Jenn Salib Huber :

And the idea that we can optimize things, like there's a way to, to, to tweak things that break the laws of, like thermodynamics, and physics right that there's like something that's going to supercharge what you're doing. That is very much entrenched, I think, in both diet and fitness culture and it's hard, I think, for people to think that I mean, it's not sexy to talk about the boring stuff that works, and I think it's so true.

Michael Ulloa:

Yeah, it's always the challenge with social media, right, like, the content I create, like the messaging at its core of everything I do, is actually pretty boring, like if I was just kind of like writing out what my nutrition and fitness advice is. It's very dull. It's why I create stupid videos and make fun of myself and kind of call people out for their nonsense, because it is really boring. Um and I appreciate that can be very difficult for personal trainers when they first start up like how do you tell people that you know what you're talking about? And usually that comes in the form of before and after photos or, um, promising body transformations in 6, 10, 12 weeks, like all these things are very easy to package and um, yeah, it's. It's always the challenge that I have of kind of trying to make my content, trying to make my messaging sound as sexy as those other things you see on social media. But it's tough, it's really really tough.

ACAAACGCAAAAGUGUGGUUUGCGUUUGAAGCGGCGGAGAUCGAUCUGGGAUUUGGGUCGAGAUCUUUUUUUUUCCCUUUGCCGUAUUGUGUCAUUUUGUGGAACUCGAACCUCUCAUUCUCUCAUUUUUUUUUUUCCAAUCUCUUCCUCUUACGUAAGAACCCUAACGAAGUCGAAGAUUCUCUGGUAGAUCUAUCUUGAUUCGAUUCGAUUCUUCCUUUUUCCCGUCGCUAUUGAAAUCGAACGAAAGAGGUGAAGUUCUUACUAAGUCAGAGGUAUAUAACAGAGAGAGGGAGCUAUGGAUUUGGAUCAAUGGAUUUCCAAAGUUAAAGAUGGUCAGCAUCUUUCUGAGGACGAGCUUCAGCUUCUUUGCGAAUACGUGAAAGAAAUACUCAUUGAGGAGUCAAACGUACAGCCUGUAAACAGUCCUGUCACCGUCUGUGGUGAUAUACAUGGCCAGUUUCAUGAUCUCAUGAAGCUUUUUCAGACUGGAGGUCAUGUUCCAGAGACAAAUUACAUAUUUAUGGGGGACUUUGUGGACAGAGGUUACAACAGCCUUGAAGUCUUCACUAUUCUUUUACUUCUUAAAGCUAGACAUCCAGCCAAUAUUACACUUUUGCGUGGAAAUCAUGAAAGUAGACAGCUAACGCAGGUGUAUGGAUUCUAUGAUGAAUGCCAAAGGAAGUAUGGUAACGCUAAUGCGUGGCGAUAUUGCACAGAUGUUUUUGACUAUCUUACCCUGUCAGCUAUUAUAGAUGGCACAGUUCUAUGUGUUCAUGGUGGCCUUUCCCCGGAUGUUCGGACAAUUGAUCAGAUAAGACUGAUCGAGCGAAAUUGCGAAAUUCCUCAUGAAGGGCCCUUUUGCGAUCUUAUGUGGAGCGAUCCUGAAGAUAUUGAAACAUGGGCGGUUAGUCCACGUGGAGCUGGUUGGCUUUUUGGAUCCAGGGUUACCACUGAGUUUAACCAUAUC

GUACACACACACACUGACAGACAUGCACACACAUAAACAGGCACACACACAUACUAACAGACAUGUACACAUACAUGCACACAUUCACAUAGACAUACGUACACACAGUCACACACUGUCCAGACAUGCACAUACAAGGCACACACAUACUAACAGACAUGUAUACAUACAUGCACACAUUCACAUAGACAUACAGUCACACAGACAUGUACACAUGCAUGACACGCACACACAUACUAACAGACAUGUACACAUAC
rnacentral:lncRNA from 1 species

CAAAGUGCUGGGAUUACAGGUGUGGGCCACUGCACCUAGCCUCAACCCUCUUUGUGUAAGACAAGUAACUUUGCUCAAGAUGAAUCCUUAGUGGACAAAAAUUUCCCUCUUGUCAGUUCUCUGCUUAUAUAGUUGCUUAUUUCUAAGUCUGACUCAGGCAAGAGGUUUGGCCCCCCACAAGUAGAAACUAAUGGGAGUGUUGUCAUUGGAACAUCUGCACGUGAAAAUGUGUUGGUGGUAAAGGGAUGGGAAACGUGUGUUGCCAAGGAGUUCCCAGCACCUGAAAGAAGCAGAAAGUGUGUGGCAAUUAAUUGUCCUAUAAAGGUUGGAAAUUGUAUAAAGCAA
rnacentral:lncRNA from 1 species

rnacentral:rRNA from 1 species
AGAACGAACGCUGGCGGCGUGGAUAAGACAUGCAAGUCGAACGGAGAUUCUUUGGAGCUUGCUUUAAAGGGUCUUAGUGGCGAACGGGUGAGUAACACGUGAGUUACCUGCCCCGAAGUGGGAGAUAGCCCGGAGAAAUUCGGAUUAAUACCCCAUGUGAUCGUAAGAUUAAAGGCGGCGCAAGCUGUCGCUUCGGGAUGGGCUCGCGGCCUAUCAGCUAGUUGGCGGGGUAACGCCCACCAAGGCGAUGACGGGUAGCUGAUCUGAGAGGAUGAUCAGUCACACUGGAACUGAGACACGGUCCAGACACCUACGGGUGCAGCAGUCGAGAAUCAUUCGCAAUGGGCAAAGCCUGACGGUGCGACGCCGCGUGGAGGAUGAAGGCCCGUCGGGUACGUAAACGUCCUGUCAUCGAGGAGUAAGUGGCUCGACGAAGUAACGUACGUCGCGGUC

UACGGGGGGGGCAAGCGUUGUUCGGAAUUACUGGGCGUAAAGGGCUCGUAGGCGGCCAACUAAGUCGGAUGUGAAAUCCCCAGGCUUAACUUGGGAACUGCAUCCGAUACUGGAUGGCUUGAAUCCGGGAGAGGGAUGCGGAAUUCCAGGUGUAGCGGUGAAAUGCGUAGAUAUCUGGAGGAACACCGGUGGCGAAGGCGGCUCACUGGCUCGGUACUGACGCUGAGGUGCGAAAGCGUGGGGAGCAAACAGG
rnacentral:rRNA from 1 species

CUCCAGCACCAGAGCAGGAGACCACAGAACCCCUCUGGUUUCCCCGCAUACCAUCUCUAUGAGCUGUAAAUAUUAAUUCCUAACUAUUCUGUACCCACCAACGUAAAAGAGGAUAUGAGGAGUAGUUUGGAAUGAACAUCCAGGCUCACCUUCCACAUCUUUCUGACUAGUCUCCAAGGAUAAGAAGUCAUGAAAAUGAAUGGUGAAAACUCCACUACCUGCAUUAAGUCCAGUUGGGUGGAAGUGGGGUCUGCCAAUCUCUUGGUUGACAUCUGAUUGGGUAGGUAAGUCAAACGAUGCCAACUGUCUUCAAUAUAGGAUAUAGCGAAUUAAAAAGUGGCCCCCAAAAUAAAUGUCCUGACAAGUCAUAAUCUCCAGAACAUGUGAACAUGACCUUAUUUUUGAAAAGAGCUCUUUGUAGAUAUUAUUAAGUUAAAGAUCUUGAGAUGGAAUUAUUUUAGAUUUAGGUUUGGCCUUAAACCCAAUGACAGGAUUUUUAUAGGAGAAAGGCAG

Jenn Salib Huber :

It is. I mean, one of the principles of intuitive eating is joyful movement, and so you know, the language that I use when I'm talking to people is I try and use the word exercises the least amount possible. I don't have any issues with the word in general, but it's often used in a way that doesn't really kind of land with people, and so when I when I think about movements and when I talk about movement, what I'm trying to get people to focus on is how they feel when they're moving their bodies, but that's not as measurable as steps and kilometers and distance. How do you have that conversation with people about trying to shift the metrics?

Michael Ulloa:

It's really difficult and I think I probably adapt the way that I explain it depending on the person that I'm talking to and what their background's like.

Michael Ulloa:

I do it so often I'll write an Instagram story and I'll write the word exercise or write the word diet And'll be like, oh, that's kind of not what it is what I mean, but it's not what I mean to certain demographics of the fitness industry. So I feel like we have to just constantly adapt things to the audience and it's it's, once again, why I don't like sitting in one camp of being like I'm anti-diet or I'm, uh, kind of health at every size, or like I think by putting ourselves in that bracket, it sometimes puts people off because they kind of misinterpret what you really mean by being in that space. So I feel like it's um, I think I've got better at it over time of kind of trying to adapt my messaging depending on who I'm talking to, but then, once again, that means that everything that I put out there, there's always going to be people that are going to jump on it and criticize you because you're not kind of going all in on their, their approach, enough for them.